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Advancing Human-Centered AI

March 18, 2019 | By Eric Horvitz, Technical Fellow and Director, Microsoft Research Labs

We’re excited about the formal launch of the Stanford Institute for Human-Centered Artificial Intelligence (HAI) on Monday, March 18th. We resonate with Fei-Fei Li, John Etchemendy, and other leaders at Stanford on the promise of taking an interdisciplinary approach to AI, on a pathway guided by insights about human intelligence, and one that carefully considers the goals and needs of people and society.

Microsoft Research is enthusiastic about partnering with Stanford University on a shared vision of advancing human-centered AI. Last summer, we moved forward with a collaborative program aimed at nurturing nascent efforts at Stanford on human-centered AI, in advance of the formal launch of HAI.

Our collaboration with colleagues at Stanford included the co-organizing of a joint workshop on Human-Centered AI last October. For that workshop, Fei-Fei Li and I teamed on organizing a day of presentations and conversations aimed at scoping out the research landscape for human-centered AI. We brought together faculty from multiple departments at Stanford and researchers from Microsoft Research. Participants included Stanford faculty from computer science, neuroscience, psychology, medicine, ethics, and law and researchers from Microsoft Research doing research in machine learning, natural language analysis, decision making, AI safety and robustness, intelligibility and explanation of AI, human-AI collaboration, and responsible AI.

For the workshop, we called out six areas for structuring presentations and discussions:

• Toward More General Artificial Intelligence
• Human-AI Collaboration and Coordination
• Cross-Disciplinary Opportunities for Advancing AI Technology
• AI, Ethics and Effects in Engineering and Research
• Cross-cutting Technical, Ethical, and Policy Challenges with AI Uses
• Harnessing AI to Address Important Societal Problems

I’d like to fill folks in on these discussions, as each session framed important directions for human-centered AI. With the help of notes taken by participants, here is a brief summary of discussions in each area:

The session on Toward More General Artificial Intelligence was co-chaired by Asli Celikyilmaz and Chris Manning. We started with a shared reflection on where AI is today. For all of the excitement, AI researchers agree that solutions to date have been quite brittle and narrow in scope and capabilities. Presentations and discussions in this session covered key directions, opportunities, and research investments aimed at overcoming long-term challenges with achieving more general AI capabilities, including research that could enable AI systems to do more effective learning about the world in the wild from unsupervised data, methods for garnering and manipulating large amounts of commonsense knowledge, transferring learnings on one or more tasks to new tasks and new domains, and reasoning about causes and effects.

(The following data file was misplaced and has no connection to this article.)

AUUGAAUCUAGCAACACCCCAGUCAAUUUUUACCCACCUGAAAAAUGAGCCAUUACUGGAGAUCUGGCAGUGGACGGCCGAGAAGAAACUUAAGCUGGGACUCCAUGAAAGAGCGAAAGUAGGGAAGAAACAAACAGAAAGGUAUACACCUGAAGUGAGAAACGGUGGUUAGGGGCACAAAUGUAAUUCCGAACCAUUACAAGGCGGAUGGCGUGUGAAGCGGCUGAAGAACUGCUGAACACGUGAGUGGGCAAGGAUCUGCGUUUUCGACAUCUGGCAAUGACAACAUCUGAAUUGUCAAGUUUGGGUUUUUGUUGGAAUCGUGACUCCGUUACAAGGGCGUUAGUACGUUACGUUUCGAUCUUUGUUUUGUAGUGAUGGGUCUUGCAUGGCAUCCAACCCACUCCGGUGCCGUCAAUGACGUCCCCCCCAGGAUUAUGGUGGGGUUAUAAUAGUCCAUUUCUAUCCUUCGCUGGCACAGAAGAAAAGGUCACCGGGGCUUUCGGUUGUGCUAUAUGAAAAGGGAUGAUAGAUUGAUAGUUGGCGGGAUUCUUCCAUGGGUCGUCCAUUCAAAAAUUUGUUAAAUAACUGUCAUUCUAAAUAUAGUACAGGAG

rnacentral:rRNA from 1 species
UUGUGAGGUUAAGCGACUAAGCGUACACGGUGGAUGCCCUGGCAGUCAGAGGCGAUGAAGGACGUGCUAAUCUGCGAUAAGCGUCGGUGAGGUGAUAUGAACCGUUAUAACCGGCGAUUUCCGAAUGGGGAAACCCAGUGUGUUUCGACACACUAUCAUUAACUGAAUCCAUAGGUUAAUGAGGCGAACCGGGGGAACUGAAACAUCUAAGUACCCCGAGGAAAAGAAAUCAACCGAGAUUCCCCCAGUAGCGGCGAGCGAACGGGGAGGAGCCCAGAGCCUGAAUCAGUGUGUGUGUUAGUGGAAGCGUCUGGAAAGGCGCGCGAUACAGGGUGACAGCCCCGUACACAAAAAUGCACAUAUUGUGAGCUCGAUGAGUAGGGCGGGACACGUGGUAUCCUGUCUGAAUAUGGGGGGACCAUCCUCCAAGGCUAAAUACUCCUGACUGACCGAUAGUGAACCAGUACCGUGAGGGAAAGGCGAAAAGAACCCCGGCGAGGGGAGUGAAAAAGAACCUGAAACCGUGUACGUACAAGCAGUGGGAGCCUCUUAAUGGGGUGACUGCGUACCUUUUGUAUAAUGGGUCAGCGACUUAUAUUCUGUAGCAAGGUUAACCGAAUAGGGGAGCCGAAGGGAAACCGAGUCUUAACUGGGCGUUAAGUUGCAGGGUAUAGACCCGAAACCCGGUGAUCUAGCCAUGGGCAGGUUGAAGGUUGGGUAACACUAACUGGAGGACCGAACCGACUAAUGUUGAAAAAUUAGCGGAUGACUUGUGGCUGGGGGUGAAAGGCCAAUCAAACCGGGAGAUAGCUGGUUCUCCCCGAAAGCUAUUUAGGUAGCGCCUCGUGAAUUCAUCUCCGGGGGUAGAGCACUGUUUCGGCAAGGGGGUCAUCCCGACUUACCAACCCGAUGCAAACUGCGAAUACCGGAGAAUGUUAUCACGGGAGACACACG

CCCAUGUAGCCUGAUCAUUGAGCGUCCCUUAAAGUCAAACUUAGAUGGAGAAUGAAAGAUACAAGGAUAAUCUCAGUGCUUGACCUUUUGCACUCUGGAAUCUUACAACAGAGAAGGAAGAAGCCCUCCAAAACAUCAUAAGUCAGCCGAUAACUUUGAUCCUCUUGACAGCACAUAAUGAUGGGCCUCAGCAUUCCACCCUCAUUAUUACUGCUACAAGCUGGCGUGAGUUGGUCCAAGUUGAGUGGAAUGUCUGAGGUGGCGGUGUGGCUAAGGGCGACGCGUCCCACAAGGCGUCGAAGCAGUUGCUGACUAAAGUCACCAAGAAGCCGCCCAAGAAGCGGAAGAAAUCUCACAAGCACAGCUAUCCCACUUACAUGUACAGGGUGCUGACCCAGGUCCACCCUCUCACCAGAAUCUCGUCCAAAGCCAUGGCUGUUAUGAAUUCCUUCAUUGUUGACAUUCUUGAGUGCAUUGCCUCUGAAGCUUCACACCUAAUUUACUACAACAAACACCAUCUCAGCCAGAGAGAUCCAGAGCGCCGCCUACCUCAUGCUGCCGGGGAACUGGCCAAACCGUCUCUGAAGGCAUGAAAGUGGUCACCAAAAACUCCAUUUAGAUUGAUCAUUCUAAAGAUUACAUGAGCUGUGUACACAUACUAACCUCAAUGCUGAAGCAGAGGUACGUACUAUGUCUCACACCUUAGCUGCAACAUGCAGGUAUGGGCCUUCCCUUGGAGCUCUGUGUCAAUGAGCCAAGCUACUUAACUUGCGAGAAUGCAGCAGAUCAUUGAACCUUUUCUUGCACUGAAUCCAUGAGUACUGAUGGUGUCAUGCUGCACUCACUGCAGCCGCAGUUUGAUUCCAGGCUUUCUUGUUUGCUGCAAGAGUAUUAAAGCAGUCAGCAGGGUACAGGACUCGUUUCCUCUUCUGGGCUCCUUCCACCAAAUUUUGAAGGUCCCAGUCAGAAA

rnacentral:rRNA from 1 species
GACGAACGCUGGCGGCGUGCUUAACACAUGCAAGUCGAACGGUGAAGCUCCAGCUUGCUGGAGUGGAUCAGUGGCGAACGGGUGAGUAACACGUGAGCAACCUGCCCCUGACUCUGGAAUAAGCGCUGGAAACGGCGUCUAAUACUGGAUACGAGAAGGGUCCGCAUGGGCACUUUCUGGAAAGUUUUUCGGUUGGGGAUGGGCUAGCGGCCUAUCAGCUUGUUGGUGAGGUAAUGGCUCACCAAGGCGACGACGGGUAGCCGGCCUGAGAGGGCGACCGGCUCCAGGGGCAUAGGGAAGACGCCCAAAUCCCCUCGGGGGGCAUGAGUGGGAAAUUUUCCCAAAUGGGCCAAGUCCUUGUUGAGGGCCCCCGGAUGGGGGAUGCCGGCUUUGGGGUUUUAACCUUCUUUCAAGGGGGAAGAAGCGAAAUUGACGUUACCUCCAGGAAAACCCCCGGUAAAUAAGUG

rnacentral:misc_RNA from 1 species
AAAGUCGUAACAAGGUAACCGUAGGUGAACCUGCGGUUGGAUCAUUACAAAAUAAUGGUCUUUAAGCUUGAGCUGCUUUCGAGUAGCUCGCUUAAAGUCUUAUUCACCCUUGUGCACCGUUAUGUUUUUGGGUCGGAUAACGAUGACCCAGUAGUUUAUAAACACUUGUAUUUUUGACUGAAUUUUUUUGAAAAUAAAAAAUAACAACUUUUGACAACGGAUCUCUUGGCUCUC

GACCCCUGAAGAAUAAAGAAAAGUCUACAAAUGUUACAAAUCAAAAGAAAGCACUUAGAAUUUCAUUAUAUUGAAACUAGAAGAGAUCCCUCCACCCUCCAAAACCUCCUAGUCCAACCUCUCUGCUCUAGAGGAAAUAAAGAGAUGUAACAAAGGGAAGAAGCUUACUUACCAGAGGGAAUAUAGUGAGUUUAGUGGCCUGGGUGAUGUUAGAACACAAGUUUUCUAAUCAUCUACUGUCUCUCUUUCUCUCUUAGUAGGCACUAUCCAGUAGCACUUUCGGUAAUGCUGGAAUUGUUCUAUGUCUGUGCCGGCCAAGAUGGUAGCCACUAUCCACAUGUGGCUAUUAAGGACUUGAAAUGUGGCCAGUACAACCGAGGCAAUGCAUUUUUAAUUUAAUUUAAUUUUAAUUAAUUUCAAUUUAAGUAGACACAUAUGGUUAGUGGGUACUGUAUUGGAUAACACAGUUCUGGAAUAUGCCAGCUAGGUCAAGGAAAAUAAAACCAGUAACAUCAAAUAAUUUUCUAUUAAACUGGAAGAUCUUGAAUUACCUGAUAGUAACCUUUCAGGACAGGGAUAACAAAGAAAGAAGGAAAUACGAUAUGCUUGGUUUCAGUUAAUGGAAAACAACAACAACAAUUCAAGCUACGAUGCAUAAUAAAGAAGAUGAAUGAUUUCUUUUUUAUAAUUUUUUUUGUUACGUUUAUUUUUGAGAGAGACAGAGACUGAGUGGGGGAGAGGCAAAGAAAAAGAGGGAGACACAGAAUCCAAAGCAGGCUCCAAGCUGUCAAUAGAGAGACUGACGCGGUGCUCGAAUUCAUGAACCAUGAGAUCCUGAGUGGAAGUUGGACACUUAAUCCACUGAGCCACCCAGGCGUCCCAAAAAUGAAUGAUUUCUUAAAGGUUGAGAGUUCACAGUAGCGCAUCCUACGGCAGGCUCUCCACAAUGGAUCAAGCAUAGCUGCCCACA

The session on Human-AI Collaboration and Coordination was co-chaired by Ece Kamar and James Landay. Presentations and discussion in this session centered on opportunities for research that could enable AI systems to be more effective collaborators for humans, and on how to measure the success of such teamwork. Participants looked at links to cognitive psychology, including prior and ongoing research efforts and results in communication and grounding. Conversations also included a discussion of forecasts about the future of human-AI collaboration within the broader discussion on the future of work. Design of human-AI interaction experiences was called out as an important area requiring further study, both in terms of how to improve communication between people and AI systems, and how best to leverage the strengths and overcome the weaknesses of humans and machines. For example, AI systems could help humans to compensate for biases, blind spots, or gaps in their thinking, though it was noted that biases in data could result in machines amplifying deeply embedded societal biases.